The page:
Engaging the public in an open dialogue can be one of the most essential elements in explaining complex scientific topics, such as nuclear science. Community and policymaker support are critical for the ongoing successful operations of nuclear plants and other nuclear facilities. Engineers and scientists are in a unique position to be credible leaders and effectively communicate about nuclear energy and technology.
Organizations, such as the Idaho National Laboratory (INL), communicate with their surrounding communities in a proactive way rather than a reactive way responding only in emergency scenarios. Nicole Stricker, nuclear communications lead at INL, focuses on giving employees tools based on factual information that they can engage the public with. Scientists and engineers are trained to speak to the public to explain research and operations activities to the local community.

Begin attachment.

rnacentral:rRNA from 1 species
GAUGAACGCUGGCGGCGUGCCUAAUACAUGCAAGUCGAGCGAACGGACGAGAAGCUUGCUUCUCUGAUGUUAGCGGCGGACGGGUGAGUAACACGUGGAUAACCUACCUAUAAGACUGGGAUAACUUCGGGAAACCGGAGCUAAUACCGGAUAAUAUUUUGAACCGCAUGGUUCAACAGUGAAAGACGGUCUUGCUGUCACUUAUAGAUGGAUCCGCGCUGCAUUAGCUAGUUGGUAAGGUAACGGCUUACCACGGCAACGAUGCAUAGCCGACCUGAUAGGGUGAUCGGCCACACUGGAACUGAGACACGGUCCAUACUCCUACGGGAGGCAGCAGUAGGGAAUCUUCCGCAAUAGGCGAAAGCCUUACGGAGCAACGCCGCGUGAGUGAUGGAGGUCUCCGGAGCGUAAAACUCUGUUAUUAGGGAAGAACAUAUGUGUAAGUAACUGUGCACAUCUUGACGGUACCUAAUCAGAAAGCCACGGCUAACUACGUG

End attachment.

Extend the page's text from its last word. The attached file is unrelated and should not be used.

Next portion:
Harsh Desai, ANS Congressional Fellow, noted that, “less than 2% of science is utilized in making a policy, so we need to make sure that that 2% is communicated correctly.” Policymakers have unlimited access to information and scientists and engineers should be actively reaching out to legislators with factual information on nuclear energy and other nuclear technologies. Desai encouraged scientists and engineers to form relationships with their Congressional representative, as well as their staff in order to be a credible source of information.
The “Focus on Communications” panel was convened at the 2014 American Nuclear Society (ANS) Annual Meeting in Reno, NV.